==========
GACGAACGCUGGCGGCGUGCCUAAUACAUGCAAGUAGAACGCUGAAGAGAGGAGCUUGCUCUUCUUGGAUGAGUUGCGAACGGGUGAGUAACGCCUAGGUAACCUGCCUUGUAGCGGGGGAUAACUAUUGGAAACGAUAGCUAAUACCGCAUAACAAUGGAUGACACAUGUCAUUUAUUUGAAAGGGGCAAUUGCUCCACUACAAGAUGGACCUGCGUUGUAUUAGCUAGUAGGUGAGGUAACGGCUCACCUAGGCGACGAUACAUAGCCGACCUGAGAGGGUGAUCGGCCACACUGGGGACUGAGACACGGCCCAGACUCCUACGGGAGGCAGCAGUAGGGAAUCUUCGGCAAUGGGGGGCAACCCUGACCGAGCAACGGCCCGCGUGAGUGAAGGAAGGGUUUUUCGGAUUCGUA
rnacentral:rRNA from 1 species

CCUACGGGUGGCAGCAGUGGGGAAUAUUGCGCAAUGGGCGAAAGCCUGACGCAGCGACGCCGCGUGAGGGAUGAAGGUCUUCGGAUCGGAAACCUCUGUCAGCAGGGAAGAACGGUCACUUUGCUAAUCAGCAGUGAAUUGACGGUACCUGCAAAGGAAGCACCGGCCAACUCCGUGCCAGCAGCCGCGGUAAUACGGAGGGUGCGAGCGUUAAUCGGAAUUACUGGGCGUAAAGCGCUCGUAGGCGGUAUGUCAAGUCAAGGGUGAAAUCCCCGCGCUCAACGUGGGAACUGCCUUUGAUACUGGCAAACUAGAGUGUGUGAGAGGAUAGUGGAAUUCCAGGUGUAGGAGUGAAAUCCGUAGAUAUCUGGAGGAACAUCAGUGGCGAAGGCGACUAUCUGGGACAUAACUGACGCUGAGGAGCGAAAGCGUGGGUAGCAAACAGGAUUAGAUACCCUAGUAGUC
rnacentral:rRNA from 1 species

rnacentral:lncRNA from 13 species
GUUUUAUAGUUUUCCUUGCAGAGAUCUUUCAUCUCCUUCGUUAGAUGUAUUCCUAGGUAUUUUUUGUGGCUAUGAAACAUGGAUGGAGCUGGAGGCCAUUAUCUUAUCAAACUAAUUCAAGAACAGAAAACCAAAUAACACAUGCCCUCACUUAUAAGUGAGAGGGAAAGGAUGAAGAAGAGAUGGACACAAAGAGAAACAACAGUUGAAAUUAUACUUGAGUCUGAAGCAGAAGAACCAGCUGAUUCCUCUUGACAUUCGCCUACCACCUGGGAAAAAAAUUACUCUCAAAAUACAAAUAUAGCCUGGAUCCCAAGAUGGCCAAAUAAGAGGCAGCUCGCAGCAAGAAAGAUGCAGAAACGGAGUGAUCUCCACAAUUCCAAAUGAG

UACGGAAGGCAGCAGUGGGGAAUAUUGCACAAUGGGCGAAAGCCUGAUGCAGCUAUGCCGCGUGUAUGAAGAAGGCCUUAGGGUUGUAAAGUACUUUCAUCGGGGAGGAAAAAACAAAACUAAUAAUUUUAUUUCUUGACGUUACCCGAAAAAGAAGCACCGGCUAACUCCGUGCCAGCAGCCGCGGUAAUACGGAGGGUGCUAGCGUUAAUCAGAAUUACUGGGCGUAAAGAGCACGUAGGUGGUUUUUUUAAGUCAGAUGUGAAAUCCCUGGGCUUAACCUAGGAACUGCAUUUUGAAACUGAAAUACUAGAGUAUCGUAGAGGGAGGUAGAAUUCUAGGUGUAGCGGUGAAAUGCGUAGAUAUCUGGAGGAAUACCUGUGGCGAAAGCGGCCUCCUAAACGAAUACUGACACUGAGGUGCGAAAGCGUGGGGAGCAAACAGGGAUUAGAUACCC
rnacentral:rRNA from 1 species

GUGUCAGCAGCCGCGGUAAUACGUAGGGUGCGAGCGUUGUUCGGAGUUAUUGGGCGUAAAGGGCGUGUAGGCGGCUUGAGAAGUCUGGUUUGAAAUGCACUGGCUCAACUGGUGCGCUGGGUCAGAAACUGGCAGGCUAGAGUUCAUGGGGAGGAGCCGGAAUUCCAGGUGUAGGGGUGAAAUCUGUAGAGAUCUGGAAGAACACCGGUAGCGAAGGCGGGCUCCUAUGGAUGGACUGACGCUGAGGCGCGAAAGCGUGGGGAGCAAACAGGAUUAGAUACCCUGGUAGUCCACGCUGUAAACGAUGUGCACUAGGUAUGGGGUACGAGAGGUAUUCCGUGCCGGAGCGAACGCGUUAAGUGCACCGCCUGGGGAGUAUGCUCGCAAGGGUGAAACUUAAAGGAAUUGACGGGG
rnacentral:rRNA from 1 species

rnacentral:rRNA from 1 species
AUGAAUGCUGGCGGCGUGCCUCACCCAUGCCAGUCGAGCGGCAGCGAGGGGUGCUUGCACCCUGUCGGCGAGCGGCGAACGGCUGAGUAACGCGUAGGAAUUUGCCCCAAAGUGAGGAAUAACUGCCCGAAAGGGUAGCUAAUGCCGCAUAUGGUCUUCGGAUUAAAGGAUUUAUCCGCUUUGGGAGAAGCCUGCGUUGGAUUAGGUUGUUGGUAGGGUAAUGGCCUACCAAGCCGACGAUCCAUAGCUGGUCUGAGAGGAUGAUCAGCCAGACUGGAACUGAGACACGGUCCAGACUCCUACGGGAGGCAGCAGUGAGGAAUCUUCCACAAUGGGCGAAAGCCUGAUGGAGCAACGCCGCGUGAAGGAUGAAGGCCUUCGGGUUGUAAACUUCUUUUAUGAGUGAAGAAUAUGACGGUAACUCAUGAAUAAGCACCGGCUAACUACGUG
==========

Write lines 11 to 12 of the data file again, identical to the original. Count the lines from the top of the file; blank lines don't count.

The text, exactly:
rnacentral:rRNA from 1 species
AUGAAUGCUGGCGGCGUGCCUCACCCAUGCCAGUCGAGCGGCAGCGAGGGGUGCUUGCACCCUGUCGGCGAGCGGCGAACGGCUGAGUAACGCGUAGGAAUUUGCCCCAAAGUGAGGAAUAACUGCCCGAAAGGGUAGCUAAUGCCGCAUAUGGUCUUCGGAUUAAAGGAUUUAUCCGCUUUGGGAGAAGCCUGCGUUGGAUUAGGUUGUUGGUAGGGUAAUGGCCUACCAAGCCGACGAUCCAUAGCUGGUCUGAGAGGAUGAUCAGCCAGACUGGAACUGAGACACGGUCCAGACUCCUACGGGAGGCAGCAGUGAGGAAUCUUCCACAAUGGGCGAAAGCCUGAUGGAGCAACGCCGCGUGAAGGAUGAAGGCCUUCGGGUUGUAAACUUCUUUUAUGAGUGAAGAAUAUGACGGUAACUCAUGAAUAAGCACCGGCUAACUACGUG